April 11, 2024

New Alzheimer’s Drug Spending Will Leap In Medicare

The Centers for Medicare & Medicaid Services (CMS) says spending on the new Alzheimer’s drug Leqembi will leap well over estimates. CMS estimates that per member per month spending on Leqembi will rise from $1.67 in 2024 to $4.67 in 2025. This will bring spending across all Medicare to $3.5 billion in 2025. This threatens to add demonstrably to Medicare troubles and will hike Part B premiums.



Federal Appeals Court Reinstates Denial Case Against United

A federal appeals court allowed a proposed class action lawsuit to continue. The case alleges that UnitedHealth Group used an algorithm to more stringently review patient claims for substance abuse treatment. Both prior authorization and medical claims denials are being closely scrutinized right now.

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#priorauthorization #claimsdenials


Bipartisan Support For Medicare Doc Fix

Senate Finance Chair Ron Wyden, D-OR, and Ranking Member Mike Crapo, R-ID, displayed rare bipartisanship in their desire to overhaul the Medicare doctor payment system. Although, no one has a concrete plan yet. Support is growing for primary care support. Note to this article has some attacks on Medicare Advantage (MA).

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#providers #physicians #medicare


Provider Megamergers Driving M and A In Q1 2024

Healthcare mergers continued strong in Q1 2024, with a number of megamergers occurring.  The number of Q1 mergers was the highest in four years. Twenty mergers were announced in Q1, up by 5 from a year ago. A series of megamergers drove the results.

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#manda #mergers #acquisitions


MA Plans Scramble To Deal With CMS 2025 Rate Announcement

Medicare Advantage (MA) plans contend that the Centers for Medicare and Medicaid Services’ (CMS) 2025 rate is inadequate and therefore will likely have to rein in benefits. Impacts on large MA insurers may differ based on the percentage of MA revenue against overall income. I think the analysts here are right.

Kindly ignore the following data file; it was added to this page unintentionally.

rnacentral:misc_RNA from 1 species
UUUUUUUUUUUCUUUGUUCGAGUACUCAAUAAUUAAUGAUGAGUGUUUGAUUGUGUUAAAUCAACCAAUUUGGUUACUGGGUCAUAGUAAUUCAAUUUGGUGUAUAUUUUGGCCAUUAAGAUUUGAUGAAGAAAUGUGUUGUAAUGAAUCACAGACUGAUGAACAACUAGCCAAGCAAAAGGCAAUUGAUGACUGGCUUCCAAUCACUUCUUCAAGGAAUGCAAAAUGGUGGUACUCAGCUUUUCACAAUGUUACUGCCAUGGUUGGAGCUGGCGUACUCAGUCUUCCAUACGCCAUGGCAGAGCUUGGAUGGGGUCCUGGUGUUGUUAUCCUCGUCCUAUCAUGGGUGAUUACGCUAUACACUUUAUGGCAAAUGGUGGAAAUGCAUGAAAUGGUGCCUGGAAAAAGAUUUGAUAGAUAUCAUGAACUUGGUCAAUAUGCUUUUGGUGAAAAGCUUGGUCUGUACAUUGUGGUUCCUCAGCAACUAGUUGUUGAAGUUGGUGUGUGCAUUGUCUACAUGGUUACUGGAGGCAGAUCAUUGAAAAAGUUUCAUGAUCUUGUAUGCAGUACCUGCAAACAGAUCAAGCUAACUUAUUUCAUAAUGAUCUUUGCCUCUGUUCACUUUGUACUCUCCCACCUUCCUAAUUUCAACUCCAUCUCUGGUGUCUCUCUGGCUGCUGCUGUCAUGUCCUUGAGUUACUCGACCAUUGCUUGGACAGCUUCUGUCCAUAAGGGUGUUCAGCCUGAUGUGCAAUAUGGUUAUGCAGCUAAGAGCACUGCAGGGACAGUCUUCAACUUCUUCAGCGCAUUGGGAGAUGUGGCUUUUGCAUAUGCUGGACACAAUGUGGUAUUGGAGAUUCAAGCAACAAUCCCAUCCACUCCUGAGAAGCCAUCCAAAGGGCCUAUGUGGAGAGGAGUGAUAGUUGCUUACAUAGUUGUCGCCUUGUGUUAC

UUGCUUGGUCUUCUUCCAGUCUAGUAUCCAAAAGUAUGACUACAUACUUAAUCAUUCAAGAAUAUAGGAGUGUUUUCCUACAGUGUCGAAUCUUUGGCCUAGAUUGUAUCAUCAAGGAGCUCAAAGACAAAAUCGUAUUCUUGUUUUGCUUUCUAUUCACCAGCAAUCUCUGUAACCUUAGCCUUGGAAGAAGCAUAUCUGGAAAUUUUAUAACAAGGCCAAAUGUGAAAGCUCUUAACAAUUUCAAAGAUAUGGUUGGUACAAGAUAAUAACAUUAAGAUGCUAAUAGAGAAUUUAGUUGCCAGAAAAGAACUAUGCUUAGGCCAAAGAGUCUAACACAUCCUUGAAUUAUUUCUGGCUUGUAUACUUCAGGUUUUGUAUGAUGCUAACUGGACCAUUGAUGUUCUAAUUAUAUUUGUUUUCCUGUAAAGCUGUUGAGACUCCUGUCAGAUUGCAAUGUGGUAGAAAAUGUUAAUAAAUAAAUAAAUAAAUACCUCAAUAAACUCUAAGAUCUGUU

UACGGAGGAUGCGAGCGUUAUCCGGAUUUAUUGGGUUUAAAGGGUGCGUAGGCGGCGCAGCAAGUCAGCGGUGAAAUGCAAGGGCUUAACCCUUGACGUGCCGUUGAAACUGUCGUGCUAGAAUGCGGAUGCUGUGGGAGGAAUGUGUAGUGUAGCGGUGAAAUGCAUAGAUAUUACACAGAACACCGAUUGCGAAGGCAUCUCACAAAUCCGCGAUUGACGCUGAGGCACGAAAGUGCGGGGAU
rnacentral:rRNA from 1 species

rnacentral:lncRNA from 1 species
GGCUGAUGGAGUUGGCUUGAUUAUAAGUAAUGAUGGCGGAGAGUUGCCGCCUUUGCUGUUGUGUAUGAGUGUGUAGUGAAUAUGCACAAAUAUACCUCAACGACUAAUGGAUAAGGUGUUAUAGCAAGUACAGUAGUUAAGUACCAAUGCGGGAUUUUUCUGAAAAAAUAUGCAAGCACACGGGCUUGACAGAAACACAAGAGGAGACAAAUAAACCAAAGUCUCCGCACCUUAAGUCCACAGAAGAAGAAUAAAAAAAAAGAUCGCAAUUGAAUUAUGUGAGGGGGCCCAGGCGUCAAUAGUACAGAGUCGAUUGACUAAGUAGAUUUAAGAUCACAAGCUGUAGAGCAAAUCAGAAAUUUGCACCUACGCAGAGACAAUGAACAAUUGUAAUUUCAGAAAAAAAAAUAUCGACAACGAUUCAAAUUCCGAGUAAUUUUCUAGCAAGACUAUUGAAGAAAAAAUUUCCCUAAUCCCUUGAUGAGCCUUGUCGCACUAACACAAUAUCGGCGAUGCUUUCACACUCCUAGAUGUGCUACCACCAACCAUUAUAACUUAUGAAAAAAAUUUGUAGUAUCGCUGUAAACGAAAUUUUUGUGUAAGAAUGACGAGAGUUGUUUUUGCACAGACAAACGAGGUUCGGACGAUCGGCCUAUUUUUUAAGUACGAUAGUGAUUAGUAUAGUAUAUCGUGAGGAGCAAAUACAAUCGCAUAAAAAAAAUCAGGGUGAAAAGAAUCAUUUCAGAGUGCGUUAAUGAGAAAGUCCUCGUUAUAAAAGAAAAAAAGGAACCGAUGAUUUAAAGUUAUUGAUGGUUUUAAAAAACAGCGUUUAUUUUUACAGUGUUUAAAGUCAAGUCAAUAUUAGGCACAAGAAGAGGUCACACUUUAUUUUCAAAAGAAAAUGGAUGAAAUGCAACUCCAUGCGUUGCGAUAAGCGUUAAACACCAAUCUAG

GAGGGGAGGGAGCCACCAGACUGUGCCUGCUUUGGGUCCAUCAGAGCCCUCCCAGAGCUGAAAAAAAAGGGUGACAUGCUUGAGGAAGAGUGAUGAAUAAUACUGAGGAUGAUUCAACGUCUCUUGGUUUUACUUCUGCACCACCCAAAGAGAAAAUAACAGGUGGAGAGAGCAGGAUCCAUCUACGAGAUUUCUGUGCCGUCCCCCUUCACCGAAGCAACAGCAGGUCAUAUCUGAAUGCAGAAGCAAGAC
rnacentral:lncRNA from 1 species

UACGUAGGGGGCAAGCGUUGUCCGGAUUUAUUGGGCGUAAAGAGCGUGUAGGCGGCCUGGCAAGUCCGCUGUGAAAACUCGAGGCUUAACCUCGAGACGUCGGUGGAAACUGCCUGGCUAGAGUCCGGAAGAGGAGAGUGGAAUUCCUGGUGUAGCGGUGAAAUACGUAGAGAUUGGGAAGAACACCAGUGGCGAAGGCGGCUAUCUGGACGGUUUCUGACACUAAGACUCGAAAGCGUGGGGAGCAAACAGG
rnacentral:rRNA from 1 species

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#medicareadvantage #cms #rates


Optum Already Powerhouse In Physician Ownership, But What About Hospitals

If Optum, United HealthGroup’s services unit, is allowed to buy Steward medical group, its physician footprint will grow even more. Optum would add 3,000 more doctors to its already large 90,000 owned or affiliated providers. Optum is the largest health plan physician owner, with about 10% of the market. Let’s remember that hospitals or private equity own almost 80% of all doctors now.

#providers #hospitals #optum


HLC Says More Needs To Be Done To Drive VBC Payments

The Healthcare Leadership Council issued a four-page briefer that concludes that a faster rollout needs to occur to move from a fee-for-service (FFS) transaction system to a value-based care (VBC) one. This is needed to meet a federal goal of 100% VBC payment penetration by 2030. The group urges strengthening incentives for provider participation, improving data integration and interoperability, and innovation in models.

I am dubious of some of the Medicare FFS recommendations but it is a good paper to read.

Briefing paper here: https://insidehealthpolicy.com/sites/insidehealthpolicy.com/files/documents/2024/apr/he2024_0970.pdf

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#vbc #medicare


Cuban Says He Will Distribute Generics If Feds March In On Expensive Brand Drug On Patents

Mark Cuban upped the ante on march-in rights when he declared that he would agree to distribute any generic if the federal government “marched in” on patent rights to seek to lower prices to the public. There are a few forms of march-in rights, including the federal government obtaining rights to manufacture generics for a drug that is highly priced and had government support. Debate is raging on Capitol Hill due to the high price of many drugs, which are much less expensive in other developed countries.

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#drugpricing #branddrugmakers #cuban


Hospitals Call 2.6% Medicare Rate Hike Wholly Inadequate

Hospitals are calling the proposed 2.6% Medicare pay increase in federal fiscal 2025 wholly inadequate given inflation.

(Article may require a subscription.)

#medicare #hospitals #rates


A Third Of Insured Americans Skip Healthcare Due To Affordability Issues

A study says that more than a third (36%) of insured Americans skipped a healthcare visit in the last year due to financial reasons. The study says that jumps to 83% for uninsured people. It shows the extent of the uninsured and underinsured problem in America. The combined number is 85 million Americans, or a quarter of the population.

#underinsured #uninsured #healthcare #healthcarereform


— Marc S. Ryan

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